We can often guess what the other is going to say, but asking is still important. That simple question frequently leads to deeper conversations about our lives, our anxieties, and our marriage.
Some weeks, it’s hard to find other times to talk deeply. But this on-ramp can lead to 30 or 45 minutes of personally transparent conversation before we even begin praying.
We then spend the next 45 minutes to an hour in prayer together. There is no pretense or spiritual performance. We just pray conversationally back and forth. It starts with praying for each other, and then for our daughters and their families, followed by our siblings and their families.
Some people might prefer a more free-flowing approach, but having a structure seems to help us. What’s important, though, is that we do it.
Sometimes we linger on a particular person or topic as we sense the travail of God’s heart for that moment. Otherwise, we simply name people and requests before the Lord with faith that He will intervene.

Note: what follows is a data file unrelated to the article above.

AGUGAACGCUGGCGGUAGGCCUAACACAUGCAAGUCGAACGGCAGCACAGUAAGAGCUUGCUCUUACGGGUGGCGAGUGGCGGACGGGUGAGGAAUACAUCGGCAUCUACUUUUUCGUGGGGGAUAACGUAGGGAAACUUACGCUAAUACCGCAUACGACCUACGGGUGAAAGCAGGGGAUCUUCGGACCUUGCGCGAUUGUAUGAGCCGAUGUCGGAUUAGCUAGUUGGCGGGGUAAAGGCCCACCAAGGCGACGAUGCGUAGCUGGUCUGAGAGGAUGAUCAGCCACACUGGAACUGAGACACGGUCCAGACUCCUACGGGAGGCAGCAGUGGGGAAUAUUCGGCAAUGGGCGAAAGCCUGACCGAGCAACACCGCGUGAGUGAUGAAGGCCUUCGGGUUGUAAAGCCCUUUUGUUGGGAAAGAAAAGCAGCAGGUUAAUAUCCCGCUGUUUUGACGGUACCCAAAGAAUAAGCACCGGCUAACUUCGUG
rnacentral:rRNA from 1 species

During this time, we don’t usually pray a lot for the church I pastor, other than for the services the next day. We mostly dedicate this time to praying about us, our family members, and a few close friends.
However, there are times when Sandi and I pray for God to intervene in a difficult situation at church. We often see a direct correlation between what we focus on in prayer one week and what happens at church the following week.
Once Sandi laid hands on me during our prayer time when I was experiencing a puzzling kind of ongoing pastoral discouragement — and it broke.
We’ve come a long way since Sandi asked me, “Why don’t we ever pray together?” Week after week, our marriage has been enriched by regularly experiencing what it means to come under the umbrella of God’s grace and pursue spiritual intimacy with each other.
Most importantly, Jesus has always kept His promise to be there with just the two of us, as we gather in His name.
This article originally appeared in the summer 2023 issue of Influence magazine. Used with permission.